Retrieving her knapsack, she discovered that the bedroom was no more inspiring-- tiny and windowless, housing nothing but a mattress and box springs that Renee had no intention of resting upon. She didn't have overly high standards and sleeping raw on the snow-covered ground might have been cold and hard, but at least it was cleaner than this. She sighed, dropping her bag on its surface and rummaging through it until she pulled out a towel and some clothes that were not completely soaked. Then she stepped through the doorway into a bathroom that would have been laughable were it not so squalid. It took her less than a second to take it all in. Present and accounted for were a sink, toilet and shower stall, all with just enough room to turn around in. She thanked a random Higher Power-- because who knew what or who was in charge Up There anymore these days-- that there was a half a roll of toilet paper left. Added that necessity to her mental shopping list. Jagged brackets were all that remained of the mirror, but she didn't mind. She had confronted herself in so many places and in so many ways over the last few years her reflection no longer mattered-- she had looked from the inside out and knew that the Self behind the eyes was so much more important than anything else. That first answer had only paved the way for so many more questions.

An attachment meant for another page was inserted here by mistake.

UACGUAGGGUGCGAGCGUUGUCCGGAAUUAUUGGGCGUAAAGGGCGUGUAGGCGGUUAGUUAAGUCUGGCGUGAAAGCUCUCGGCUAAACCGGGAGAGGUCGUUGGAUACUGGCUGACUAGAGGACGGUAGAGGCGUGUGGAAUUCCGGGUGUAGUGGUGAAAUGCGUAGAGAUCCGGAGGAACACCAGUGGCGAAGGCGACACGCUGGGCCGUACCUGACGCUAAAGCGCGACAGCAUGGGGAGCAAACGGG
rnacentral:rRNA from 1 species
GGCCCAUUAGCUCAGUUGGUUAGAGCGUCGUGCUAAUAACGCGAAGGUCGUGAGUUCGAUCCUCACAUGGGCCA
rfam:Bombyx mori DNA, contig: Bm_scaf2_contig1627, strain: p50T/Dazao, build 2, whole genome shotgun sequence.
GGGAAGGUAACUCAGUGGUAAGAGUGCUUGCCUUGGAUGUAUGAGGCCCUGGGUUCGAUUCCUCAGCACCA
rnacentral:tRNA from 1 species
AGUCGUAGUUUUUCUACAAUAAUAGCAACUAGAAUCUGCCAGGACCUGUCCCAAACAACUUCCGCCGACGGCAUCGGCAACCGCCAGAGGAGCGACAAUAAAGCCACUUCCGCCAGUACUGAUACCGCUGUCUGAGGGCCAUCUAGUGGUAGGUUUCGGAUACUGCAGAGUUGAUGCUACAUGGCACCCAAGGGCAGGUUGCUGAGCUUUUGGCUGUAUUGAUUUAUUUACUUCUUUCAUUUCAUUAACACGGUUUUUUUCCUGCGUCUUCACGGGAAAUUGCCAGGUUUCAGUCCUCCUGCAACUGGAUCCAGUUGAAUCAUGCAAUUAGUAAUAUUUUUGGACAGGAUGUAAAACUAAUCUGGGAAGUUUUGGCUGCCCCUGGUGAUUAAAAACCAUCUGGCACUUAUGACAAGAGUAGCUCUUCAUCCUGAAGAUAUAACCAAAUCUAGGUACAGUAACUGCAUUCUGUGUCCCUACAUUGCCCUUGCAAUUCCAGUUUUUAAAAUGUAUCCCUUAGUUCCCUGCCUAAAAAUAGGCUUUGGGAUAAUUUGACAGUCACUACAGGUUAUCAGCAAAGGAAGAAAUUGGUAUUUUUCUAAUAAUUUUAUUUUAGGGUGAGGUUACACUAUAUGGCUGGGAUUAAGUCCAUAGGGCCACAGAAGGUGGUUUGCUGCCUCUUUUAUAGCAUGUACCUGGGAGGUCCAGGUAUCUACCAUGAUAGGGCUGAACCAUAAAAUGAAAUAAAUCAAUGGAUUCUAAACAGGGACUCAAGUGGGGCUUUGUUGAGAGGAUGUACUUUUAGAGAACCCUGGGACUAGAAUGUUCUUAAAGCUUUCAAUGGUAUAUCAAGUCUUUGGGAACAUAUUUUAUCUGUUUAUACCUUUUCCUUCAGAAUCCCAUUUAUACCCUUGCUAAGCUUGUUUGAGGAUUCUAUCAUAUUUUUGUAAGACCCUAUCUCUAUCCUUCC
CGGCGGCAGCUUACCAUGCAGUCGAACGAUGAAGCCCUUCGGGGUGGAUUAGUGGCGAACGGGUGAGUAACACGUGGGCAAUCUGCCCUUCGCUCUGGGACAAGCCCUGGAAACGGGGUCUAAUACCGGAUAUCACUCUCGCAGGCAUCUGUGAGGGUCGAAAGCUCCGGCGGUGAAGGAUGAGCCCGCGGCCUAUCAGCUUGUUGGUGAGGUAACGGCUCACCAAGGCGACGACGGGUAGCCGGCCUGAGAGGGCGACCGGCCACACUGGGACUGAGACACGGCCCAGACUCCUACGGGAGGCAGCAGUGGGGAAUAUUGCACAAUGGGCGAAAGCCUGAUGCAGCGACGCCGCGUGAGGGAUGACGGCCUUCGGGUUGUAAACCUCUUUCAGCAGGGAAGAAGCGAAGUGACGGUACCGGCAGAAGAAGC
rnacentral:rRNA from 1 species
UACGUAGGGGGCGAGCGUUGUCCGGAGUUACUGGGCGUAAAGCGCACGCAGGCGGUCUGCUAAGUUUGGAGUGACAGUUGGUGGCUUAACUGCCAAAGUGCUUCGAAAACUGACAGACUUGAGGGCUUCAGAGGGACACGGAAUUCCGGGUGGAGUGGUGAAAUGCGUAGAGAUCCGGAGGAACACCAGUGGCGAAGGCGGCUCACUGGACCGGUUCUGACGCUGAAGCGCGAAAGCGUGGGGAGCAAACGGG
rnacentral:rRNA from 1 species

She turned on the water in the shower stall and stripped off her clothes impatiently, not seeing the random scars-- some old, some new, some healed by means best not thought about-- that were scattered across her muscled flesh. As she waited for the water to run clear, she ran a hand through her soaked reddish brown hair, pushing loose tendrils away from her face. The short, tousled cut suited the indignities that the weather and the nature of her business inflicted on her far better than the longer length she had worn since she was a girl, but she still hadn't quite gotten used to it. Growing up, her mother always told her she had beautiful hair and would have brushed it for hours if Renee had allowed her, but no-- Renee was always in a hurry, going up, going out, going somewhere. And her mother so proud of it all.